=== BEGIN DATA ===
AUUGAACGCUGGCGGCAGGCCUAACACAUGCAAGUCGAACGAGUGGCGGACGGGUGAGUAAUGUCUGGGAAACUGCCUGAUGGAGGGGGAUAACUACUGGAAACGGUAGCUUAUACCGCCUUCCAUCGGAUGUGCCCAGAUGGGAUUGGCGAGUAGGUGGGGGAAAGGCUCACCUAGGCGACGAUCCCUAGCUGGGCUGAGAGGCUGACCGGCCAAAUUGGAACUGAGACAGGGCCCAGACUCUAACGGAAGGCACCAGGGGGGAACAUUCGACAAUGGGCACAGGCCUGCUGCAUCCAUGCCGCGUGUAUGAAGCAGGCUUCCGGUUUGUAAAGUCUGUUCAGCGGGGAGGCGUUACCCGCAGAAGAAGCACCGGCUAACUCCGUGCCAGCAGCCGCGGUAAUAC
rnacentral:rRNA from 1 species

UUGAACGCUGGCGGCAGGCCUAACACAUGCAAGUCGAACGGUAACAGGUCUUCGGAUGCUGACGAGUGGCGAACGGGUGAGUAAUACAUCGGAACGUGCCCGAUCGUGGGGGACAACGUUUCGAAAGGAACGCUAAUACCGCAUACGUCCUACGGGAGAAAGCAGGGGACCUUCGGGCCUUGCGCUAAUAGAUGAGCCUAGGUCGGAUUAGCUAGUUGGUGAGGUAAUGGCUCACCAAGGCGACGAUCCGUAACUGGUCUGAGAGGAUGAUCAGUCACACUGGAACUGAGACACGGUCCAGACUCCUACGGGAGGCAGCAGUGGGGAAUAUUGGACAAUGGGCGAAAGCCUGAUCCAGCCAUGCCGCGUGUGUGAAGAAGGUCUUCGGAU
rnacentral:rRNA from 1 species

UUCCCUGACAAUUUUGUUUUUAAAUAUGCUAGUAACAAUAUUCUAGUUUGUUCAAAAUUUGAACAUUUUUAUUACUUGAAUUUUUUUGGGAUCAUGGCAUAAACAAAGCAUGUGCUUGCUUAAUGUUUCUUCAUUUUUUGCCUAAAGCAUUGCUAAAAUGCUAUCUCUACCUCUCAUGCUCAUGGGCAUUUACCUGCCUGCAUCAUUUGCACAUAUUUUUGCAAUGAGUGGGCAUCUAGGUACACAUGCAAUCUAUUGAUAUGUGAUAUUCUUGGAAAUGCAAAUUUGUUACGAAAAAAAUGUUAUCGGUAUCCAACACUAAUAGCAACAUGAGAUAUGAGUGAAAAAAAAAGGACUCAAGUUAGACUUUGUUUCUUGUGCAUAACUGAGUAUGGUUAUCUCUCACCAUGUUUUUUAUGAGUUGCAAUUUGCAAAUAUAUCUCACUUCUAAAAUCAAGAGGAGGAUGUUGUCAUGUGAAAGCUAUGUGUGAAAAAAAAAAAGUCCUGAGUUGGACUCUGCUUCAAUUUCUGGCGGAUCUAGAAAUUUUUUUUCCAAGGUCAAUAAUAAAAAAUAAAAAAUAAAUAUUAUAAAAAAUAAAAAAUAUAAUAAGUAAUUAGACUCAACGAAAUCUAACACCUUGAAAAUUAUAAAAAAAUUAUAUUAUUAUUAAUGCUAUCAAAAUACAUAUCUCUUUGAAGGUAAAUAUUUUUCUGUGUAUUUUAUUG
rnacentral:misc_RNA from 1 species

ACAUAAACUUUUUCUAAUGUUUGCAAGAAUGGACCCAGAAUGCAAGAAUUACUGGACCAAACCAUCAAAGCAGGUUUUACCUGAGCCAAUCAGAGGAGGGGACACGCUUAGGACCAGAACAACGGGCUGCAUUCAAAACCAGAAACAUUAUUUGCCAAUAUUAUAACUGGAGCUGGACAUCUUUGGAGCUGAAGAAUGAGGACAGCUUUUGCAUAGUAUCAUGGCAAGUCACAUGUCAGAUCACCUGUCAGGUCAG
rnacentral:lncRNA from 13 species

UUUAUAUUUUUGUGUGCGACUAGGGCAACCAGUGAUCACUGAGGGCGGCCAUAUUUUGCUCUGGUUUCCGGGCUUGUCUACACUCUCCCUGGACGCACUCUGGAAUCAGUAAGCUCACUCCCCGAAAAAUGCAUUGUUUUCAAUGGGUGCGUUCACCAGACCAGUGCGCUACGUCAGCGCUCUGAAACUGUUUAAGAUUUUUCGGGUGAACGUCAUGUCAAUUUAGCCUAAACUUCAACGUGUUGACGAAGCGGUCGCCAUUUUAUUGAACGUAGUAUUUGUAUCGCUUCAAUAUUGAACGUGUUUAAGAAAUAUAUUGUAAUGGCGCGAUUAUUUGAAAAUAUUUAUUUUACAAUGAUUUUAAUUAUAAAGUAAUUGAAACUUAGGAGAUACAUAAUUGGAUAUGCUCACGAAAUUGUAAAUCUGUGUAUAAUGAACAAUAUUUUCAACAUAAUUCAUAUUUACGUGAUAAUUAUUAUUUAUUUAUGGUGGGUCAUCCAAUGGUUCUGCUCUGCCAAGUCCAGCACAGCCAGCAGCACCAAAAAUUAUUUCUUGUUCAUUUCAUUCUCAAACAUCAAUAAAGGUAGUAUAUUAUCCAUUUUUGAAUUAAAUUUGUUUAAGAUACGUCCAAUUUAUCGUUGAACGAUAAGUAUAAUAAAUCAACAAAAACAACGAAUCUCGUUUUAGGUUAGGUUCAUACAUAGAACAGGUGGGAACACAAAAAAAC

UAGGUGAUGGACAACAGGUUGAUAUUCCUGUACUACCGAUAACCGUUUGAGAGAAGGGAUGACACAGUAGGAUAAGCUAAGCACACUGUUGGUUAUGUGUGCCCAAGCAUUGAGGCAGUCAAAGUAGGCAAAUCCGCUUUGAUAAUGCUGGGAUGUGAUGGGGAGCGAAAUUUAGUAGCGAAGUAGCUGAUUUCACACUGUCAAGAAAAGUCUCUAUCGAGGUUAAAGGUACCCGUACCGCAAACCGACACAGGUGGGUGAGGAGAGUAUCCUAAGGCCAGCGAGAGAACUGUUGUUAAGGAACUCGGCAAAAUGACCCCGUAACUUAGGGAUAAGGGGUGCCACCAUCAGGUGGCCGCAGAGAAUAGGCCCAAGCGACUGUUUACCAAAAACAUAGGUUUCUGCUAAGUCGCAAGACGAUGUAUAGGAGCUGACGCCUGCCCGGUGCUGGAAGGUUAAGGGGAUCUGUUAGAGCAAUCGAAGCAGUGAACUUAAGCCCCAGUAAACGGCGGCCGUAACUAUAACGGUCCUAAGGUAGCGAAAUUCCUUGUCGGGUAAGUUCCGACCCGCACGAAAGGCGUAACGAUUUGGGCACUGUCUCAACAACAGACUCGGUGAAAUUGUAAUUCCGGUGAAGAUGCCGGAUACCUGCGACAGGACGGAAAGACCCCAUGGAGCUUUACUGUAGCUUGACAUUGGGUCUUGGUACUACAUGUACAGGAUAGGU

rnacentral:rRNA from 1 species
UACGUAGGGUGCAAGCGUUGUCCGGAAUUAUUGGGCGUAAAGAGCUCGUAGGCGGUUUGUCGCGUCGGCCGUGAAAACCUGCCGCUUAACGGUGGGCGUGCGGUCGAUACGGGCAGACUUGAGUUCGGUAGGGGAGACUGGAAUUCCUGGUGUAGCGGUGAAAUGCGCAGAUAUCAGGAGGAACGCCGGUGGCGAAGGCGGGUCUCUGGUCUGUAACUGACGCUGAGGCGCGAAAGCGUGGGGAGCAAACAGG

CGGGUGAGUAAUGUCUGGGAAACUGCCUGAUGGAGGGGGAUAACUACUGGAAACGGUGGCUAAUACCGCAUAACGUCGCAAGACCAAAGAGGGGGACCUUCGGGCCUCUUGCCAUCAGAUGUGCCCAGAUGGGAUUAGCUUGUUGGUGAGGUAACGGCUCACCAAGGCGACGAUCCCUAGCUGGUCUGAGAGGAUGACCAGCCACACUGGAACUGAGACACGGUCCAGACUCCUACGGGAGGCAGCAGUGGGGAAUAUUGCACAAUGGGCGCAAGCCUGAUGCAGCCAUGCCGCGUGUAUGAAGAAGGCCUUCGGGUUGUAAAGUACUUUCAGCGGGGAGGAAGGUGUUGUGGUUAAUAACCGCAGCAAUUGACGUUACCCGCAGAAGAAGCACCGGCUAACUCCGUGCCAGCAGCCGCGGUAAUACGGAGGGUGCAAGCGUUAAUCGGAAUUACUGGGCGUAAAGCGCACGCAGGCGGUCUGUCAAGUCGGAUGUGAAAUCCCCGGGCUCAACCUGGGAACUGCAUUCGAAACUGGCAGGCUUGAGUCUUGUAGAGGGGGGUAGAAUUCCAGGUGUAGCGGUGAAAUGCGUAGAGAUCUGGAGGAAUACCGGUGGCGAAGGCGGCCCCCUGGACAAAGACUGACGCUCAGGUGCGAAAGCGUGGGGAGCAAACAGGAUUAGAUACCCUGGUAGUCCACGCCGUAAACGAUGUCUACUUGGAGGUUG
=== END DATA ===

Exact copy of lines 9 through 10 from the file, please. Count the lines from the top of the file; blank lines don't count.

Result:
UUUAUAUUUUUGUGUGCGACUAGGGCAACCAGUGAUCACUGAGGGCGGCCAUAUUUUGCUCUGGUUUCCGGGCUUGUCUACACUCUCCCUGGACGCACUCUGGAAUCAGUAAGCUCACUCCCCGAAAAAUGCAUUGUUUUCAAUGGGUGCGUUCACCAGACCAGUGCGCUACGUCAGCGCUCUGAAACUGUUUAAGAUUUUUCGGGUGAACGUCAUGUCAAUUUAGCCUAAACUUCAACGUGUUGACGAAGCGGUCGCCAUUUUAUUGAACGUAGUAUUUGUAUCGCUUCAAUAUUGAACGUGUUUAAGAAAUAUAUUGUAAUGGCGCGAUUAUUUGAAAAUAUUUAUUUUACAAUGAUUUUAAUUAUAAAGUAAUUGAAACUUAGGAGAUACAUAAUUGGAUAUGCUCACGAAAUUGUAAAUCUGUGUAUAAUGAACAAUAUUUUCAACAUAAUUCAUAUUUACGUGAUAAUUAUUAUUUAUUUAUGGUGGGUCAUCCAAUGGUUCUGCUCUGCCAAGUCCAGCACAGCCAGCAGCACCAAAAAUUAUUUCUUGUUCAUUUCAUUCUCAAACAUCAAUAAAGGUAGUAUAUUAUCCAUUUUUGAAUUAAAUUUGUUUAAGAUACGUCCAAUUUAUCGUUGAACGAUAAGUAUAAUAAAUCAACAAAAACAACGAAUCUCGUUUUAGGUUAGGUUCAUACAUAGAACAGGUGGGAACACAAAAAAAC

UAGGUGAUGGACAACAGGUUGAUAUUCCUGUACUACCGAUAACCGUUUGAGAGAAGGGAUGACACAGUAGGAUAAGCUAAGCACACUGUUGGUUAUGUGUGCCCAAGCAUUGAGGCAGUCAAAGUAGGCAAAUCCGCUUUGAUAAUGCUGGGAUGUGAUGGGGAGCGAAAUUUAGUAGCGAAGUAGCUGAUUUCACACUGUCAAGAAAAGUCUCUAUCGAGGUUAAAGGUACCCGUACCGCAAACCGACACAGGUGGGUGAGGAGAGUAUCCUAAGGCCAGCGAGAGAACUGUUGUUAAGGAACUCGGCAAAAUGACCCCGUAACUUAGGGAUAAGGGGUGCCACCAUCAGGUGGCCGCAGAGAAUAGGCCCAAGCGACUGUUUACCAAAAACAUAGGUUUCUGCUAAGUCGCAAGACGAUGUAUAGGAGCUGACGCCUGCCCGGUGCUGGAAGGUUAAGGGGAUCUGUUAGAGCAAUCGAAGCAGUGAACUUAAGCCCCAGUAAACGGCGGCCGUAACUAUAACGGUCCUAAGGUAGCGAAAUUCCUUGUCGGGUAAGUUCCGACCCGCACGAAAGGCGUAACGAUUUGGGCACUGUCUCAACAACAGACUCGGUGAAAUUGUAAUUCCGGUGAAGAUGCCGGAUACCUGCGACAGGACGGAAAGACCCCAUGGAGCUUUACUGUAGCUUGACAUUGGGUCUUGGUACUACAUGUACAGGAUAGGU